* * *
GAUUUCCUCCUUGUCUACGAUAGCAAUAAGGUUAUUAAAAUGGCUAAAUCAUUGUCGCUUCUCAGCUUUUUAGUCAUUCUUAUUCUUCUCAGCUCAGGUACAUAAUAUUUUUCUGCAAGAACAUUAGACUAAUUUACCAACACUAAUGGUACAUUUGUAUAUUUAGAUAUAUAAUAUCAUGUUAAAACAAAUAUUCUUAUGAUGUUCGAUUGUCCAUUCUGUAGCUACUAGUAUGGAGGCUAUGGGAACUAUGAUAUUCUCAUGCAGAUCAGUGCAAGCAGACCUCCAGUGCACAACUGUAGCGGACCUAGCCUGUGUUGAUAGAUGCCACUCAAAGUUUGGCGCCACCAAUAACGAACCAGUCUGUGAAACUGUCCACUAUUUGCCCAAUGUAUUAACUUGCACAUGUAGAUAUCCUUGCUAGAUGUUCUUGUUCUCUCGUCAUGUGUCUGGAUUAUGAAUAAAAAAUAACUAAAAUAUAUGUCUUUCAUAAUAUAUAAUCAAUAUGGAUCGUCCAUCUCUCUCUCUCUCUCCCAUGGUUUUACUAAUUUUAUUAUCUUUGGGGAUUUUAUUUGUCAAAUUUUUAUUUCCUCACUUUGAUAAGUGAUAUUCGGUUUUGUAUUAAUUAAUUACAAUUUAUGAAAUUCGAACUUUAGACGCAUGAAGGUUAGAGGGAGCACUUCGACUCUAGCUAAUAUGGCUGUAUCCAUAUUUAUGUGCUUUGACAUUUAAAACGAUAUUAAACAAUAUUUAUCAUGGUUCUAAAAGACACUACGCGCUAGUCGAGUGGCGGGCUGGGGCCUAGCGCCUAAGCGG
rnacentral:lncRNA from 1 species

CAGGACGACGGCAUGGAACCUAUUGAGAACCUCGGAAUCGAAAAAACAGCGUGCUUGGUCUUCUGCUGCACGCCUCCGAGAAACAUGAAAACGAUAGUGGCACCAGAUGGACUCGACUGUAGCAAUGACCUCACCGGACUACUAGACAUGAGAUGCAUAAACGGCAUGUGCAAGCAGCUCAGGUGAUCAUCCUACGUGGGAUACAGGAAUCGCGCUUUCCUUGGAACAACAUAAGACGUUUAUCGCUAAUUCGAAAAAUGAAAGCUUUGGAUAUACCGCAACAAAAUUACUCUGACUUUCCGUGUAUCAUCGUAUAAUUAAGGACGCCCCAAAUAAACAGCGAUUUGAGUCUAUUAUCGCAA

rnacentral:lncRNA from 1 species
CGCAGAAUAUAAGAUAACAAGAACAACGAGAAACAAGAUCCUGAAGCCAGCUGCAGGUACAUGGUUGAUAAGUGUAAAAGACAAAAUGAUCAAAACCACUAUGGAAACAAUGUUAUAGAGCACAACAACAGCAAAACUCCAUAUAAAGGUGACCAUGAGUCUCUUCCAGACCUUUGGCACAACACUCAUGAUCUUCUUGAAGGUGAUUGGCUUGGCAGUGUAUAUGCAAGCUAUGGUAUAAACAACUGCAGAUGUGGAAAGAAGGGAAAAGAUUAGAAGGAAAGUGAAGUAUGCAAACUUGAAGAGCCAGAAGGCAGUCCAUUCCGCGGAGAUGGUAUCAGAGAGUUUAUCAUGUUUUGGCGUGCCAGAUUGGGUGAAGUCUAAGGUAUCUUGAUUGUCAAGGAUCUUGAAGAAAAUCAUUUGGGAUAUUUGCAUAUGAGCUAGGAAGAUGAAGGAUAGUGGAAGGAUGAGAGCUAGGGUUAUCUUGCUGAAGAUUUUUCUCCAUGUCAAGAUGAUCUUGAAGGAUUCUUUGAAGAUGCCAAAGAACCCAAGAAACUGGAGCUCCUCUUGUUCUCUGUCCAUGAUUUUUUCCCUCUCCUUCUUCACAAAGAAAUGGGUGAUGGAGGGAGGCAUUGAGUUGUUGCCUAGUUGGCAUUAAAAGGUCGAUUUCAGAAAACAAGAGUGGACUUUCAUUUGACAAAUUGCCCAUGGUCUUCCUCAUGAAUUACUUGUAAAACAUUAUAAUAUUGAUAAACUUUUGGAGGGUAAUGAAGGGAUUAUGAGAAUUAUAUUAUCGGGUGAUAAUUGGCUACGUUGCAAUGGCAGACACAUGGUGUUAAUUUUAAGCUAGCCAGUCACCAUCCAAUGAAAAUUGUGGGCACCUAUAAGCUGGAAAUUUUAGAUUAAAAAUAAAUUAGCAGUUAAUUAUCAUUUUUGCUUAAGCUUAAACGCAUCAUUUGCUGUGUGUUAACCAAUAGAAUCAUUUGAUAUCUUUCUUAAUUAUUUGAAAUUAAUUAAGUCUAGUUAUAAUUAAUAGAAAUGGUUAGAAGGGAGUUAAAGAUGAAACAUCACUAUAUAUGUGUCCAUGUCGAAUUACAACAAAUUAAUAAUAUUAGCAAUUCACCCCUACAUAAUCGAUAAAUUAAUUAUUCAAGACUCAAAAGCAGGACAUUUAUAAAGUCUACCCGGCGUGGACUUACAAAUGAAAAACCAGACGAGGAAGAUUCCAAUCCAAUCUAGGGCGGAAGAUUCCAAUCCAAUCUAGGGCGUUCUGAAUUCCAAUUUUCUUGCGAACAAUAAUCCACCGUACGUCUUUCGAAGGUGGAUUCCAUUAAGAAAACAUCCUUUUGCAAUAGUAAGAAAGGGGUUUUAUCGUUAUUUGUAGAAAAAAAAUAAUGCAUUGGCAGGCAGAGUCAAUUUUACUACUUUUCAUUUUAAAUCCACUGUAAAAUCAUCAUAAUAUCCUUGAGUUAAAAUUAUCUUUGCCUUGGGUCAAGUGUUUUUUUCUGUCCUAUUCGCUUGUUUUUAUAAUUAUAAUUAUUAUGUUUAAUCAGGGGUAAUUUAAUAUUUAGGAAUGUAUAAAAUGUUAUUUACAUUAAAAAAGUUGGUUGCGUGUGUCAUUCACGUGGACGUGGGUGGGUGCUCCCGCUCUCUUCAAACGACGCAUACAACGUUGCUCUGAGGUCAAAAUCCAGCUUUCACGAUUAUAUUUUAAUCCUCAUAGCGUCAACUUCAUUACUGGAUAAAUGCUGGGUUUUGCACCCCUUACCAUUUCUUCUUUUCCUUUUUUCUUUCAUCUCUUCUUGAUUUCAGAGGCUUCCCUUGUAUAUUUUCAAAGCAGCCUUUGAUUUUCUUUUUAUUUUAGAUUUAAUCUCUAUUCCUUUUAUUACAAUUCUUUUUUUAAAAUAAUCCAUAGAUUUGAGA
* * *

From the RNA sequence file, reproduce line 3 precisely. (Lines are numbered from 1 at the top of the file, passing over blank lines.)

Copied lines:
CAGGACGACGGCAUGGAACCUAUUGAGAACCUCGGAAUCGAAAAAACAGCGUGCUUGGUCUUCUGCUGCACGCCUCCGAGAAACAUGAAAACGAUAGUGGCACCAGAUGGACUCGACUGUAGCAAUGACCUCACCGGACUACUAGACAUGAGAUGCAUAAACGGCAUGUGCAAGCAGCUCAGGUGAUCAUCCUACGUGGGAUACAGGAAUCGCGCUUUCCUUGGAACAACAUAAGACGUUUAUCGCUAAUUCGAAAAAUGAAAGCUUUGGAUAUACCGCAACAAAAUUACUCUGACUUUCCGUGUAUCAUCGUAUAAUUAAGGACGCCCCAAAUAAACAGCGAUUUGAGUCUAUUAUCGCAA